This post is also available in: FR
Bad news for Montrealers: the low cost airline, Norwegian, has just announced that it will stop serving the Caribbean from the United States and Canada… including Montreal.
The end of Montreal – Pointe-à-Pitre / Montreal – Fort-de-France by Norwegian
The low-cost airline, Norwegian, had decided a few months ago to attack the Caribbean market from several North American cities:
- Montreal YUL
- New York JFK
- Fort Lauderdale FLL
Except that this company is facing very serious financial difficulties, like other low cost companies before it that serve (or were supposed to serve) Montreal:
- Primera Air(which went bankrupt)
- WOW Air (which is trying to restructure itself by cutting many destinations)
Close to bankruptcy, Norwegian saw the Norwegian state come to its rescue via the public bank DNB Bank.
Despite intense promotional campaigns with very low cost tickets, it seems that this was not enough: Norwegian has therefore decided to cease all operations to the Caribbean from Canada (Montreal) and the United States (New York / Fort Lauderdale) at the end of the winter season (end of March 2019).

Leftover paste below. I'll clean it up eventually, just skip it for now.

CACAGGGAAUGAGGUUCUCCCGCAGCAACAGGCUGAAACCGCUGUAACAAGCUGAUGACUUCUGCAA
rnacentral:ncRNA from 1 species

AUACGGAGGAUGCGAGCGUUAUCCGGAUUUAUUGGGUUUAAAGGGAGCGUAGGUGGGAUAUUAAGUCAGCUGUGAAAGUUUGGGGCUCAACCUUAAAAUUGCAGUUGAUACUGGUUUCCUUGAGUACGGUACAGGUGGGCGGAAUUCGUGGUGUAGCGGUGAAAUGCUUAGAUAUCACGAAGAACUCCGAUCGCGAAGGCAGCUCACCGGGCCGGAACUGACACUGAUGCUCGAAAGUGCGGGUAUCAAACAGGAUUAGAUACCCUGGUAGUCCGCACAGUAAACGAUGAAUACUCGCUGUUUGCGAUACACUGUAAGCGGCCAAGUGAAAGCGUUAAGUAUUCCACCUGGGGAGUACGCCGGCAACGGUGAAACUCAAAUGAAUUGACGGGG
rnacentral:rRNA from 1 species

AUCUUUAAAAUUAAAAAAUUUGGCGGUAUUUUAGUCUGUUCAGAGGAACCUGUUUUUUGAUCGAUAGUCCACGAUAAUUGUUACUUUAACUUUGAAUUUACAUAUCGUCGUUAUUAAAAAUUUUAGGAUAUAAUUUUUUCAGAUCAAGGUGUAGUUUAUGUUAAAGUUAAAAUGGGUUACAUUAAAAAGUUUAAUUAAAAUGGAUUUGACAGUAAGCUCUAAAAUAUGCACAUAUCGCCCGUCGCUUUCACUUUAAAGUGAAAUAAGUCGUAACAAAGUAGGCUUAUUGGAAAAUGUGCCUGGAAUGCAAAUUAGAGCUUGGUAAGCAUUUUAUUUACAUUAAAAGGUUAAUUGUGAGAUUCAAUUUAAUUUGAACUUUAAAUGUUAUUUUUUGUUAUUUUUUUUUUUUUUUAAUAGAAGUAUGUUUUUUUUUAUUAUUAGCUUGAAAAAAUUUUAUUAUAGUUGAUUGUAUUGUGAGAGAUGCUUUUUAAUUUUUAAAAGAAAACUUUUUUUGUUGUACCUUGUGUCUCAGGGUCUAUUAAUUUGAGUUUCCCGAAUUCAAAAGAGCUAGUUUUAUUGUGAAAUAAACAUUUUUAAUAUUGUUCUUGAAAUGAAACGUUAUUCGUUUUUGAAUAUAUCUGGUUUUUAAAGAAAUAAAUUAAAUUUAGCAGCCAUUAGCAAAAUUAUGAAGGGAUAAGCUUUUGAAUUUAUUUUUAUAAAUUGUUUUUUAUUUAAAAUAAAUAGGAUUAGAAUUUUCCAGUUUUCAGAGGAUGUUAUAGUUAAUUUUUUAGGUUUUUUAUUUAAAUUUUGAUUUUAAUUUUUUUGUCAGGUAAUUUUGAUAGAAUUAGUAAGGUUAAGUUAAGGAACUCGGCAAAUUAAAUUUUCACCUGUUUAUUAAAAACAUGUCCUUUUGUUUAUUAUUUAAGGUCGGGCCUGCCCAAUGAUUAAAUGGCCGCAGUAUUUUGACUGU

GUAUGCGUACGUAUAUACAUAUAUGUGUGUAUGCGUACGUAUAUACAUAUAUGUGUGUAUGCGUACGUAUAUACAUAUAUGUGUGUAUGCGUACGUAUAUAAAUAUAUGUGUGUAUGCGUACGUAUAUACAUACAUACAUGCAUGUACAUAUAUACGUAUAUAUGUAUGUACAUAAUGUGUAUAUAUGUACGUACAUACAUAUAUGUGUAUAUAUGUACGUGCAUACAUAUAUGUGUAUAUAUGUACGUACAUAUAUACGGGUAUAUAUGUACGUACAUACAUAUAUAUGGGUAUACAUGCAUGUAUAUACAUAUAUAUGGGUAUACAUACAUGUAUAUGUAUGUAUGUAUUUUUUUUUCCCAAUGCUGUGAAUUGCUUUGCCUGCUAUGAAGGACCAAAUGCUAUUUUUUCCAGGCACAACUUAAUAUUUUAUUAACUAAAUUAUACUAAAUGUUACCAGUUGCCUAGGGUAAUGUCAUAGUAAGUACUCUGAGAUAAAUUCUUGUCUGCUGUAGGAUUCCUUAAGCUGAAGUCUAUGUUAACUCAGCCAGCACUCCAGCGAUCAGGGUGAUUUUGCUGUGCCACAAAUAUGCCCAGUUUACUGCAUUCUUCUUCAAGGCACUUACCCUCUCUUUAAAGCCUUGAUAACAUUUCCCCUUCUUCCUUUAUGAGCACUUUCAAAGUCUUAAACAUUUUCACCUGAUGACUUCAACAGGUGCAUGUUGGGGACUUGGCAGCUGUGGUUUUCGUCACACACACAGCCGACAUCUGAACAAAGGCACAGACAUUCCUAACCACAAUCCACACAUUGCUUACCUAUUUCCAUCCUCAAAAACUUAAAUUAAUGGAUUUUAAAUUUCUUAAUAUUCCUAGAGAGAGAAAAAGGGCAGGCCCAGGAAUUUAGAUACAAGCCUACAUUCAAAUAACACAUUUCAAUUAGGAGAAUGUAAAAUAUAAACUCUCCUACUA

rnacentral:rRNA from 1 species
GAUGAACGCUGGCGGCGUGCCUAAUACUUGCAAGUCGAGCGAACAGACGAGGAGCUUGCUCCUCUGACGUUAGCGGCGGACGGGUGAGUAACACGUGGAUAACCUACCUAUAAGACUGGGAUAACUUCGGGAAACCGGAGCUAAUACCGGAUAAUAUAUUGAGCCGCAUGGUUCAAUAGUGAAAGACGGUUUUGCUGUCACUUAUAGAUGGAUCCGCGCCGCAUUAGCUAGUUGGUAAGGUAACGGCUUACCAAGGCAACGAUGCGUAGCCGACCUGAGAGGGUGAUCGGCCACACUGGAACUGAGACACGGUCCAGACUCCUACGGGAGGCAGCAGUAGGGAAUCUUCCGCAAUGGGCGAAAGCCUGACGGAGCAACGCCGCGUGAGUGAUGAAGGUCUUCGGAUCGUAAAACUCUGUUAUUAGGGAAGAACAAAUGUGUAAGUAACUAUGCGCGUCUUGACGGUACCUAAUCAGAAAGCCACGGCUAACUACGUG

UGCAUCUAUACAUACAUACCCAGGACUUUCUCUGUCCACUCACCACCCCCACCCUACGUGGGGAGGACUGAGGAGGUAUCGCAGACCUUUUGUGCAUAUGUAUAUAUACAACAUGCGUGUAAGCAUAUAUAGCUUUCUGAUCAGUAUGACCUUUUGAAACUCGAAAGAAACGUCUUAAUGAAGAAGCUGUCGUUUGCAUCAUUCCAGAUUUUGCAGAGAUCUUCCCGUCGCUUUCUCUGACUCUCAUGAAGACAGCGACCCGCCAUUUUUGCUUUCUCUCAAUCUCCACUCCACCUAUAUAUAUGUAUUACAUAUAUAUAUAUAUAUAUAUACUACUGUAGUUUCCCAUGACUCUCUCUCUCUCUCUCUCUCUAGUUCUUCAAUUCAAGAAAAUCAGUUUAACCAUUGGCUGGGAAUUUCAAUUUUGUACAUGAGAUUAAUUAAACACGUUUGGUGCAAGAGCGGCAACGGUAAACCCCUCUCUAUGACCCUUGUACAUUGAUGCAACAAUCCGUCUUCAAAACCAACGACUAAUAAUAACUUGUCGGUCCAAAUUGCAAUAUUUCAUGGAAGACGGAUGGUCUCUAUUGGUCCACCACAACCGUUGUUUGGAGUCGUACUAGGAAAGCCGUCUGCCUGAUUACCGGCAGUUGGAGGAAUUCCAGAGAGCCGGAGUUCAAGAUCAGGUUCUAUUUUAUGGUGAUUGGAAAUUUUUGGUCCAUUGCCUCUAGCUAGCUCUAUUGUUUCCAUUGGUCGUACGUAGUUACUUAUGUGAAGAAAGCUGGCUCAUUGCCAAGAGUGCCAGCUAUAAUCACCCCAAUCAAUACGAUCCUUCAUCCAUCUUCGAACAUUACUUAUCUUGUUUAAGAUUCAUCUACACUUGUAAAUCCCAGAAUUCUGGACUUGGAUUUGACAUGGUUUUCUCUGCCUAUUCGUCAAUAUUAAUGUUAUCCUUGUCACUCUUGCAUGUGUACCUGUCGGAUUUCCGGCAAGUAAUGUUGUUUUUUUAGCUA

A spokeswoman for the company, Marion Lamure, explained to RCI that these flights were not profitable.
A commercial decision has been taken not to renew our seasonal operations in the Caribbean. We realize that we have not achieved the desired profitability. The planes were not full in both directions or we would not have stopped the activities. We have seen an evolution in terms of load factors, notably the interest of Americans for the Caribbean, but these operations are not profitable enough, given that the company has launched a cost reduction plan.
Low-cost airlines have a hard time competing with established airlines such as Air Canada, Air Canada Rouge, Air Transat or WestJet, or others specializing in this type of service such as Sunwing. One could say that the Canadian airport taxes do not help… but here the company rather invokes planes which did not have a sufficient fill rate. A saturated market?
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